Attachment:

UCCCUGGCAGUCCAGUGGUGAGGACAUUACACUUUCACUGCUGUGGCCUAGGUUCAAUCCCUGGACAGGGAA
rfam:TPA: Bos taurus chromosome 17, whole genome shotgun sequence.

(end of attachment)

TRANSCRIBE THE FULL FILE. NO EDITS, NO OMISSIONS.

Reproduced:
UCCCUGGCAGUCCAGUGGUGAGGACAUUACACUUUCACUGCUGUGGCCUAGGUUCAAUCCCUGGACAGGGAA
rfam:TPA: Bos taurus chromosome 17, whole genome shotgun sequence.